Refer to Note 7.3 (Administered Financial Instruments) for details on accounting treatment.

2018

2017

$’000

$’000

Note 5.1B: Investments

International financial institutions

Asian Development Bank

583,862

555,361

Asian Infrastructure & Investment Bank

599,269

383,879

European Bank for Reconstruction

and Development

98,676

93,016

International Bank for Reconstruction

and Development

315,724

303,370

International Finance Corporation

64,036

61,530

Multilateral Investment Guarantee Agency

8,390

8,062

Total international financial institutions

1,669,957

1,405,218

Australian Government entities

Reserve Bank of Australia

24,963,000

21,469,000

Australian Reinsurance Pool Corporation

425,893

455,826

Total Australian Government entities

25,388,893

21,924,826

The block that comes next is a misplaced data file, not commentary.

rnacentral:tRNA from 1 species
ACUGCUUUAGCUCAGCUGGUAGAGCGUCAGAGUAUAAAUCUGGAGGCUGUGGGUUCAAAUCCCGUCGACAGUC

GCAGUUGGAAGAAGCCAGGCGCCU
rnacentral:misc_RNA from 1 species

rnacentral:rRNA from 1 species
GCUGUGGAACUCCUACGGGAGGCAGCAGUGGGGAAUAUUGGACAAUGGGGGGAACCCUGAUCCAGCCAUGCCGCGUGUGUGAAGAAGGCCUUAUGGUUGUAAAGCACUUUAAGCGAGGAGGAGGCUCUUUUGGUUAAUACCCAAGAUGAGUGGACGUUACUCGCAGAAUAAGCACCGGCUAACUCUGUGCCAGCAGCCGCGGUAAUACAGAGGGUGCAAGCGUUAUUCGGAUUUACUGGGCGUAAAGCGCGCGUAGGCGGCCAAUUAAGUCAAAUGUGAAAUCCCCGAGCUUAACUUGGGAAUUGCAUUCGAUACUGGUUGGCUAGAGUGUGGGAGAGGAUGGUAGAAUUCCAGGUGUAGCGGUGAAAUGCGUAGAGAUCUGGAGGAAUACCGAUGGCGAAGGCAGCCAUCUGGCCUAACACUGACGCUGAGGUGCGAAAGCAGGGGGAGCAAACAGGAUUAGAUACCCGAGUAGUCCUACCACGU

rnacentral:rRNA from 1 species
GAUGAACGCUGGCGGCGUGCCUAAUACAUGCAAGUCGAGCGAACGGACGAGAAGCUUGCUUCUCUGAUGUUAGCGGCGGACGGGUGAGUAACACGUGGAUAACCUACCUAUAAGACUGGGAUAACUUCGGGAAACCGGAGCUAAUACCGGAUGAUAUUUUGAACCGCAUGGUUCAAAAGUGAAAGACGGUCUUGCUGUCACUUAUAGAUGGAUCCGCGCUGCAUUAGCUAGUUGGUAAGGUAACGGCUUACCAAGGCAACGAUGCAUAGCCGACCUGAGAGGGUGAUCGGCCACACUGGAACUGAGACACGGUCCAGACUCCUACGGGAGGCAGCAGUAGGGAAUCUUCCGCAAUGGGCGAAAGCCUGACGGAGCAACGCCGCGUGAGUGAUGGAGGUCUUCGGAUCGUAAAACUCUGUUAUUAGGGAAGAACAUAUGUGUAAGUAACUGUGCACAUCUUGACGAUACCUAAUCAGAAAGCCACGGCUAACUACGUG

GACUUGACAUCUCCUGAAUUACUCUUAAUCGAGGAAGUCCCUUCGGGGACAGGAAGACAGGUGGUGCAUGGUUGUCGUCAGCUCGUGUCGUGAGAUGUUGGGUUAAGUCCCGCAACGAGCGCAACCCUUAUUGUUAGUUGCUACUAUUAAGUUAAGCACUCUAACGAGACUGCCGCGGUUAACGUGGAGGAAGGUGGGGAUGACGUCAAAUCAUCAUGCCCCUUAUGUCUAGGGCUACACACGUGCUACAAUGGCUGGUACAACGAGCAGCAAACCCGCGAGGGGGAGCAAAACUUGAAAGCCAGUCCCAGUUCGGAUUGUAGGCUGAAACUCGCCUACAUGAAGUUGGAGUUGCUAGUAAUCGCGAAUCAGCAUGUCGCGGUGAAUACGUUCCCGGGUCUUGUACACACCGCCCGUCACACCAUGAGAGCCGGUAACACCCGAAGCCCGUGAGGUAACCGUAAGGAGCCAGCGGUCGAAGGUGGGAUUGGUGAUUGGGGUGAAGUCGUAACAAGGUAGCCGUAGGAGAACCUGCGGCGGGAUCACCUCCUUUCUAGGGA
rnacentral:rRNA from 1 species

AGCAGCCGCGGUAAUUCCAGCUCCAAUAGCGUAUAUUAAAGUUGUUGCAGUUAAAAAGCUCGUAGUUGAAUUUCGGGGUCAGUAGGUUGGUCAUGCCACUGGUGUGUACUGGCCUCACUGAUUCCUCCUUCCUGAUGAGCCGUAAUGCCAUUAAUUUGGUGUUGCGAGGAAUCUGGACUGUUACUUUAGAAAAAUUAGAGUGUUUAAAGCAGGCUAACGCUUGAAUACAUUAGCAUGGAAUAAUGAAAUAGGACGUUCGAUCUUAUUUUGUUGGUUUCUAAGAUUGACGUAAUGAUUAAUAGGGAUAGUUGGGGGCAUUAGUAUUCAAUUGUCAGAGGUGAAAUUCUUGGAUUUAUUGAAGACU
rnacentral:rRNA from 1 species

Other Investments

IMF quota

12,492,682

11,882,842

Total other investments

12,492,682

11,882,842

Total Investments

39,551,532

35,212,886

Investments are expected to be recovered in more than 12 months.

Accounting Policy

Administered investments

Development banks

Investments in development banks are classified as ‘monetary — available for sale financial assets’ refer Note 7.3. As such, the foreign currency value of investments is translated into Australian dollars (AUD) using relevant foreign currency exchange rates at balance date.

Australia holds shares in the World Bank Group (WBG), the Asian Development Bank (ADB), the European Bank for Reconstruction and Development (EBRD) and the Asian Infrastructure Investment Bank (AIIB).

Principal activities: